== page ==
February 25, 2024

“But she said study!” -The trap of pseudoscience

Anyone who argues scientifically and based on studies presents themselves as particularly credible. But sometimes this is just a dangerous publicity stunt.

Physics is complex. Anyone who wants to understand the basic laws of nature will have to deal with cumbersome formulas and strange mathematical symbols. But the physics is actually very simple. No other science deals with such simple things as it deals with individual atoms, for example. Or with the orbit of a single planet around its star.

Simple and complex questions

Most of the time, when you study things like this, you can ignore most of the rest of the universe. When it comes to the behavior of corn in the vacuum chamber, it makes no difference at all whether methane is produced in the stomach of the African water buffalo. It does not matter at all in the orbit of the planet whether caffeine increases the risk of cancer. This is exactly why you arrived Natural Science Like physics, it has a high degree of security and precision: you can look at individual questions in isolation and answer them quite clearly. Sometimes one measurement provides a clear solution, refuting any other opinion.

in Social and human sciences Is this different? There you are dealing with more complex systems – with the interaction of different people, for example. What does freedom mean? How fair is our society? How do we deal with integration problems related to immigration? Such questions cannot be viewed in isolation from the rest of the universe. It is so inextricably intertwined with so many other topics that it is impossible to find a clear answer here. Sometimes you can only discuss opinions but can't provide a clear solution.

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Some people ignore this and try to solve complex social problems in a way similar to solving problems in physics. Scientific studies are referred to It indicates a precision similar to that found in the natural sciencesWhich cannot be found in other areas. This is dangerous. Because when it comes to complex topics, almost every opinion can be backed up with studies — even if the opinion is serious nonsense.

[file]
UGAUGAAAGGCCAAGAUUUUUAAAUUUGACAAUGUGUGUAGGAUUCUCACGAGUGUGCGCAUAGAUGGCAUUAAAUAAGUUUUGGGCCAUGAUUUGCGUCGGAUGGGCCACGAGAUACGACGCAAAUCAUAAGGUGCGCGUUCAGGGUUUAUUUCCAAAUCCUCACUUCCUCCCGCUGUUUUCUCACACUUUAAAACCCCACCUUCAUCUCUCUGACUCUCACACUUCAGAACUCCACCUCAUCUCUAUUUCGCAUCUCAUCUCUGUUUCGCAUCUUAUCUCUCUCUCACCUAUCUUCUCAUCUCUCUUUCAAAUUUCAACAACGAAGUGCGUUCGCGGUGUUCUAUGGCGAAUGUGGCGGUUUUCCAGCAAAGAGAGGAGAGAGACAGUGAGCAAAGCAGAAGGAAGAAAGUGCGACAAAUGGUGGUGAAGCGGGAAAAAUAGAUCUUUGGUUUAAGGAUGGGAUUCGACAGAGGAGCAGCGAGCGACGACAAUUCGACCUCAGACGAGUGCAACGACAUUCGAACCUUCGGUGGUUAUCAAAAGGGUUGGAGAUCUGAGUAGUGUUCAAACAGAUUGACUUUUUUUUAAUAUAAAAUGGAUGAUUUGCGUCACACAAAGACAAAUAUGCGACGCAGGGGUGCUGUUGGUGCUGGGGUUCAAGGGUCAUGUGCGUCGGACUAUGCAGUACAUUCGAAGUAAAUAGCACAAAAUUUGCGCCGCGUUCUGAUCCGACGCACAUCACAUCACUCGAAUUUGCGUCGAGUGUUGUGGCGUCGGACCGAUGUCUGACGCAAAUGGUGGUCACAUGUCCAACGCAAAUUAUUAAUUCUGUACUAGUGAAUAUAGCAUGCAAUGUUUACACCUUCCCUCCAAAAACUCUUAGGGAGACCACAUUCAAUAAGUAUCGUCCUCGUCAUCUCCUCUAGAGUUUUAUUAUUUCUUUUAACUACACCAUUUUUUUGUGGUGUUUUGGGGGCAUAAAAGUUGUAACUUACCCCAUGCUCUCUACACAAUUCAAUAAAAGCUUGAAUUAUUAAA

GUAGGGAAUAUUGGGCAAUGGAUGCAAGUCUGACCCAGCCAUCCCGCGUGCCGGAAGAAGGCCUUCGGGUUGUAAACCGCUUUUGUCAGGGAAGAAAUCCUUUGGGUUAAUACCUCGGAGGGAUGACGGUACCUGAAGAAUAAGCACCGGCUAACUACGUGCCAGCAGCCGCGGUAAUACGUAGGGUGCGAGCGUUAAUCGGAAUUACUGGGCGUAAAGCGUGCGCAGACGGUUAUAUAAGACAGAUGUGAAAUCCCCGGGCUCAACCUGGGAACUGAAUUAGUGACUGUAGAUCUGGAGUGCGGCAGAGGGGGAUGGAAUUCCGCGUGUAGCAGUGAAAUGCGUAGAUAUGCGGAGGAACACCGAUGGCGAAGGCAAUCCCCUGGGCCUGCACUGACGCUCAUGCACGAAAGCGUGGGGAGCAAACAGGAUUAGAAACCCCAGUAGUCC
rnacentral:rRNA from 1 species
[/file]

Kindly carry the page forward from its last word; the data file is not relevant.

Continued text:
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Equality is not physics

in Equality discussions This can be seen. There are surveys that indicate that women who work part-time are happier than those who work full-time. “Science has spoken!” You can now powerfully say and feel superior. “So women don't want to have full-time jobs, careers aren't important to them, so the demand for occupational equality is unnatural!” But people don't understand how science works. No, that's not what this study says. It is just an isolated result that only makes sense when considered as part of a single result A very complex network of threads Understands.

Why do many women prefer to work part-time? Perhaps because the majority of unpaid care work still falls to women? Perhaps because the work environment is still characterized by a patriarchal hierarchy? Maybe it's because of culturally traditional ideas dating back thousands of years that none of us can shake off that easily?

Or examine the percentage of women in artistic and scientific studies and find that this percentage in countries such as Tunisia or Algeria, which are not necessarily considered bastions of liberalism, is surprisingly higher than their counterparts in the Scandinavian countries that enjoy advanced gender equality. Have we now proven scientifically that women who are truly equal are not interested in science at all?

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No, of course not. That's it Naive negligence Complex problem. For example, countries with little gender equality are often also countries with low levels of prosperity, so the pressure to choose a course of study that matches a good income may be quite different, even for women, than in Scandinavian countries with generous social systems. . . In addition, Scandinavia is of course still a long way from leaving behind ancient, culturally rooted gender injustices.

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Self-representation through apparent sciences

Of course such studies are interesting. Even when dealing with complex topics, you should rely on facts and figures. But the whole matter is more complicated. Whoever believes that he can announce the answer to a social question with one study, just as he can sometimes announce the answer to a social question with one measurement, is committing a grave scientific mistake. You can also lie with facts -If you look at a small portion of facts in isolation, though, a meaningful overall picture will only emerge in the context of many other facts.